(Photo courtesy of Chronicle Books)
It's official: Berkeley is the grumpiest town in the country.
Says who? Grumpy Cat, the biggest feline star on the Internet, who chose Berkeley as the winner of the , with the prize being a special appearance by Grumpy Cat herself.
For those who never go online, let me explain: Grumpy Cat (original name: Tardar Sauce) is a 2 1/2-year-old female with a perpetually grumpy look on her face due to an underbite.
To date, her Facebook page has more than 7 million "likes." Her puss has been on the front page of the Wall Street Journal and the cover of New York magazine, and she was named "Most Influential Cat of 2012" by MSNBC.
She is the "author" of two books – "Grumpy Cat: The Grumpy Book," which reached No. 7 on the New York Times Bestseller list, and "The Grumpy Guide to Life," which did even better, debuting on the Times Bestseller list at no. 3.
Last fall Grumpy Cat challenged animal lovers all over the country to enter the and say why their hometown should be graced by a visit. The Berkeley Humane Society enlisted Mayor Tom Bates, the Berkeley Chamber of Commerce and the Berkeley Police in the cause; and lo and behold, Berkeley won!
"I think they chose us because Grumpy Cat was a rescue animal herself," says executive director Jeffrey Zerwekh.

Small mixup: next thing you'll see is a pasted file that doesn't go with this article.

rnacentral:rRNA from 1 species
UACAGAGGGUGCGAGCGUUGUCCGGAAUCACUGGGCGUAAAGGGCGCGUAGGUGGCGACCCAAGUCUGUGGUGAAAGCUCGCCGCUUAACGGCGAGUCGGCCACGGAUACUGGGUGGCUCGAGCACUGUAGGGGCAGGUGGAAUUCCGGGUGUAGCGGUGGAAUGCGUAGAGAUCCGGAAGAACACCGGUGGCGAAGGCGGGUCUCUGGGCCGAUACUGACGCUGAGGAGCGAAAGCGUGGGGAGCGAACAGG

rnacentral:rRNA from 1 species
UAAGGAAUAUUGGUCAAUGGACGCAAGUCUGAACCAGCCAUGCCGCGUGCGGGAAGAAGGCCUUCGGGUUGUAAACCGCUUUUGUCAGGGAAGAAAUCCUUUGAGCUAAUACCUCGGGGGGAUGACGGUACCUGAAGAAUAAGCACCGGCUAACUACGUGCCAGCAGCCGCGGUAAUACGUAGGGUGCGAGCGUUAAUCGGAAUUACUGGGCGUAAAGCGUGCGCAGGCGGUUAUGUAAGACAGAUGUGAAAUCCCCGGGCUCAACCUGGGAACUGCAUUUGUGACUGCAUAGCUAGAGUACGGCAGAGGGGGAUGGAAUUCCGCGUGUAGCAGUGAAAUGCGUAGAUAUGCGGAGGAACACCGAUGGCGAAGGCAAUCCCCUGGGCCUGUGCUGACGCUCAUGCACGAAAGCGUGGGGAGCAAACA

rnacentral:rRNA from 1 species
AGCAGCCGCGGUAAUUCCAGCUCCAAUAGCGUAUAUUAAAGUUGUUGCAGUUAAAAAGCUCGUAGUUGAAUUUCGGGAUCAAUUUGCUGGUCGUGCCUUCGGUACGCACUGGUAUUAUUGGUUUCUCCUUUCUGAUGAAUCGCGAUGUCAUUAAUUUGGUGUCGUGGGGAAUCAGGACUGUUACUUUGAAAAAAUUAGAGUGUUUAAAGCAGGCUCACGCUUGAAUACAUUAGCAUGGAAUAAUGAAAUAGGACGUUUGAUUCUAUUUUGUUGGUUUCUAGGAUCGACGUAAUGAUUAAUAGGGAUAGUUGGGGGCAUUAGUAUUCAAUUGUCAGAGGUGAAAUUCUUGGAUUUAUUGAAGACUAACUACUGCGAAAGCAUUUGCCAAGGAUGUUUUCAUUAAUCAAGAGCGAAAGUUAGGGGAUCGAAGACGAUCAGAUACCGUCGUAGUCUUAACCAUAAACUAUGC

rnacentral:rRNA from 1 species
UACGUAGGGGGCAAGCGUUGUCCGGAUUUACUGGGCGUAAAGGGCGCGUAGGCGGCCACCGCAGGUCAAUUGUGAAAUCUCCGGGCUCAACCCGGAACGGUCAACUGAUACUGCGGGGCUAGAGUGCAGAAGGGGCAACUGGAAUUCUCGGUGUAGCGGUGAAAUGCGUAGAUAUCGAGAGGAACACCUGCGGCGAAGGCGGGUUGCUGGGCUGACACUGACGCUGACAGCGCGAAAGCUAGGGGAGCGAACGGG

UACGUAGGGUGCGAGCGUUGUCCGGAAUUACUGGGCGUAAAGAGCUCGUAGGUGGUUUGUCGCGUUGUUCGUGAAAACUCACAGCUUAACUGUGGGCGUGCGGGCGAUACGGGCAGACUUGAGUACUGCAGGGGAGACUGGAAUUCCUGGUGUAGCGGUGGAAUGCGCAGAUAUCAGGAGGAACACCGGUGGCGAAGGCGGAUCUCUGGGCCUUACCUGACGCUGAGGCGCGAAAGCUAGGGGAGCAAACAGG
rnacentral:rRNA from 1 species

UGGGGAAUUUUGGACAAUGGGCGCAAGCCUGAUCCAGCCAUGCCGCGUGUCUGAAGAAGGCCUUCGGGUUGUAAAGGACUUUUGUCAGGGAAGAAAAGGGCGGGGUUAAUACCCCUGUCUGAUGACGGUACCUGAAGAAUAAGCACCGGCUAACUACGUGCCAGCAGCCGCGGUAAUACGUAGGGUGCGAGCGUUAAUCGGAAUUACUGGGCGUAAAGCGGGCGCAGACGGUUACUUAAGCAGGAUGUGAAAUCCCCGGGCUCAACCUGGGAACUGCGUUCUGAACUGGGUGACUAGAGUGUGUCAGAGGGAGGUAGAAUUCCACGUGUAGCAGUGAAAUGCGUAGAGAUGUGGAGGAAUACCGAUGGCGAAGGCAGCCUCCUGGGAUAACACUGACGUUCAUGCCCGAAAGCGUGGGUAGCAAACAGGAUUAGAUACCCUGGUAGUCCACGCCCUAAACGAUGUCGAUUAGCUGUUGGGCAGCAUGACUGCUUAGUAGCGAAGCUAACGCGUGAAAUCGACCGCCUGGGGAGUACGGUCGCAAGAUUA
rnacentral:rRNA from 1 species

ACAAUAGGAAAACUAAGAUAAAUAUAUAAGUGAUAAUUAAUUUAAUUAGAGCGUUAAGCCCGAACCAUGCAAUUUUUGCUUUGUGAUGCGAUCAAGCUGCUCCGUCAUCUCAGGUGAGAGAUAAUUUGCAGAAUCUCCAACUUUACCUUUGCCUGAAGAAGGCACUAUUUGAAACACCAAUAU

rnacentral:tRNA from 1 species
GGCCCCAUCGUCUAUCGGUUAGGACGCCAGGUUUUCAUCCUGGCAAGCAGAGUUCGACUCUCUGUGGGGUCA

Grumpy Cat will be at the Humane Society, 2700 9th Street, on January 24 to participate in the ribbon-cutting ceremony for the Society's new Mobile Adoption Center, a fully-customized, temperature controlled, 26-foot RV with modular kennels inside capable of holding up to 30 animals in comfort and safety.
"It'll enable us to take the cats and dogs to where people actually are instead of waiting for them to come to us," Zerwekh says.
The ribbon-cutting ceremony will take place at Noon, and then Grumpy Cat will be available for selfies with her fans from 1 to 3. Since she's such a popular pussycat, I'd advise reserving a spot by visiting the Society's website, berkeleyhumane.org. That's also where you can donate or sign up to volunteer.
While you're at the ribbon-cutting ceremony, you can also check out the adorable cats and dogs currently available for adoption.
Berkeley Humane has come a long way back since the disastrous fire in 2010 that killed 15 cats – 15 others were saved by heroic staffers and volunteers, thank God - and gutted half its building, including the animal hospital and the shelter. Since then, the Society has been operating out of the other half, the part that's still standing
And it never quit on its mission to find new homes for homeless dogs and cats, not even for a single day. Adoptions have increased every year since the fire, and last year the Society placed 1,030 animals in loving new homes, the most in its 88-year history.
The new Mobile Adoption Center is just the latest step in that comeback."We're fiscally strong, and we have the largest volunteer corps ever," says Zerwekh. "We're so thankful that they somehow made it work in a very challenging environment, with half the building burned out. We're hoping Grumpy Cat's visit will create new awareness and bring added resources so we can finally rebuild our building."